Wireless Presenter Stick
The second item I chose was the “Inateck Perfect Laser Pointer Pen for presentation”, which is a mouthful, so I’ll call it the Wireless Presenter Stick. It’s one of those devices you hold when you’re running through a PowerPoint presentations to switch the slides without having to walk over to the laptop to do it. I’ve never had one of my own, though I have used tons of them over the years.
The Wireless Presenter Stick requires one AAA battery, which is not included. It’s made of plastic and is really light at just 24 grams. Inateck says it has a range of 20m. It requires a little USB dongle that is conveniently stored in the base of the stick itself with a magnet for good measure. Bluetooth would have been nice, especially if the MacBook-led trend of fewer ports continues, but it’s not a deal-breaker. The stick also features a laser pointer, which is handy for pointing to thinks on the screen/wall.
I feel like a wizard wielding a wand when I hold the stick! It’s about 5 inches long, so it’s certainly going to be noticeable when you hold it. Most of the edges are rounded, except for the top edge which is straight. While it does help you orient the stick in your hand, it does make it a little less comfortable to hold. There are five buttons and a power switch on the stick. The three buttons along the top are the forward and back buttons, plus the laser pointer button. Along the right side are the Tab and Enter buttons. The left side is where you’ll find the power switch (the stick will automatically enter sleep mode if you don’t press anything for a while to save battery power).
I have used the Wireless Presenter Stick for maybe half a dozen presentations now, on a few different computers. No drivers or installation is required, you simply plug in the USB dongle and you’re good to go. I didn’t test the range but in a big conference room it never failed to work as I moved around. I am a little surprised to see some wear on the buttons already, maybe from dirty hands? Nothing functionally wrong, just some markings on the plastic.
I have also used it in a group presentation during which we passed the stick around to a few different presenters. Pressing the buttons always works, there’s never a stutter or pause, and you never have to press it more than once. But, the one problem we did run into, is that everyone kept pressing the wrong button! When you hold the stick properly (the way that feels comfortable), the “previous” button is at the top and the “next” button is at the bottom. But invariably people try to press the top button for forward/next! It’s a minor annoyance I suppose, but I was surprised at how consistently the issue came up with new people. Because there’s no software to install, there’s no way to remap these buttons, but that would have been one way to solve the problem.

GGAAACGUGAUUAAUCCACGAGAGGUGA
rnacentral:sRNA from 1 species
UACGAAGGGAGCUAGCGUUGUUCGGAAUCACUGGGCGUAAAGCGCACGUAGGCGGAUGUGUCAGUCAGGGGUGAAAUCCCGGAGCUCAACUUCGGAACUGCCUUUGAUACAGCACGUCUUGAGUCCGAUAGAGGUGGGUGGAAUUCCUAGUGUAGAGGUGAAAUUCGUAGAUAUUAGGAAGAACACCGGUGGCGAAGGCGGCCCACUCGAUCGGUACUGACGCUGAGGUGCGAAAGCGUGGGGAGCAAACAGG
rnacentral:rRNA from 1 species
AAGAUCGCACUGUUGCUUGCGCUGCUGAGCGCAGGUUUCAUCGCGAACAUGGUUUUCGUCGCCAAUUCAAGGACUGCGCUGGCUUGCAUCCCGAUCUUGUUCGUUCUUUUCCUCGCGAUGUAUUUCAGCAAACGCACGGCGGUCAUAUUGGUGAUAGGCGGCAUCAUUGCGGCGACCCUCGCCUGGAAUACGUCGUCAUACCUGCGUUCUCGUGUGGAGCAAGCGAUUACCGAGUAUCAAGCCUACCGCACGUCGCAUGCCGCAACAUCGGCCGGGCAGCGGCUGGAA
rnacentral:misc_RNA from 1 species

You can use the stick for more than just presentations. If you’re inside a browser, you can use the up and down arrows to scroll the page. You can also use the tab button to move from link to link, and enter to select one. This is a lot slower than the mouse or touch of course, but it can be done. It would probably make most sense as part of a presentation.
Inateck’s Wireless Presenter Stick is currently $26.99 at Amazon. The most direct competitor is probably the Logitech Wireless Presenter R400, which is nearly double the price. The Logitech one is about the same length but is wider and thicker and slightly heavier. The Inateck stick is decidedly less ergonomic, but compared to most of the other options out there, it’s slim and light. It gets the job done for a great price.